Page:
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Why is quantum physics needed to explain photosynthesis?

In what aspect does the corresponding classical theories for photosynthesis fail?

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Maybe the bigger and more relevant question is how, instead of why quantum physics is being used to explain photosynthesis. –  Tomarinator Mar 19 '12 at 13:52

4 Answers 4

up vote 3 down vote accepted

The article Arnold links to is well worth a read, but in addition to that, recently there has been a lot of interest in the role of quantum entanglement and coherence in photosynthesis. If you've recently come across articles about quantum physics and photosynthesis it's probably this aspect that was being described.

I don't know of any definitive review of this area, but Googling for "photosynthesis entanglement" or better still "photosynthesis entanglement" finds lots of articles.

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Well, photosynthesis has to do with the absorption of photons to break/make certain bonds. The most classical you can get with this is Bohr's model, nothing prior to that explains absorption of light. Bohr's model is kind of an extremely basic type of quantum mechanics, and anyways it does not work for multielectronic species. Bonds become impossible to analyse here.

Normal QM/molecular orbital theory, on the other hand, deal with the nature of the electrons, even when they are in bonds. So it explains the process pretty well.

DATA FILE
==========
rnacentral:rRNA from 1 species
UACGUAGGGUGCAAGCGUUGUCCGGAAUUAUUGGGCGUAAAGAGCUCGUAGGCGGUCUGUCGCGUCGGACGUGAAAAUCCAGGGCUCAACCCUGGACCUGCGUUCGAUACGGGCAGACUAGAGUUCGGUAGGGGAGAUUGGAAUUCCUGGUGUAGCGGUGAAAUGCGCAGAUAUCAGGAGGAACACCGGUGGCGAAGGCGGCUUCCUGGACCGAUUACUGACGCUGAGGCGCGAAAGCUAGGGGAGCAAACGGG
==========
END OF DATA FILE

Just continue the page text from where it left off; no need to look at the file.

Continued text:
So it's not that some classical theory failed, it's that there was no way to classically explain photosynthesis further than "the bond absorbs light". Why does the bond absorb light? Because it can{*}.

Classical theories need not fail in every aspect :)

*Insert appropriate James Bond joke here

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The absorption of light is a quantum process.

Here is an article from Nature (2004) that addresses the question: 2004 Nature 431 256.pdf

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This first began after observations that plants can maintain quantum entanglement even at room temperatures.

This link explains very well your question (it contains the research done in this new field): Quantum Photosynthesis.

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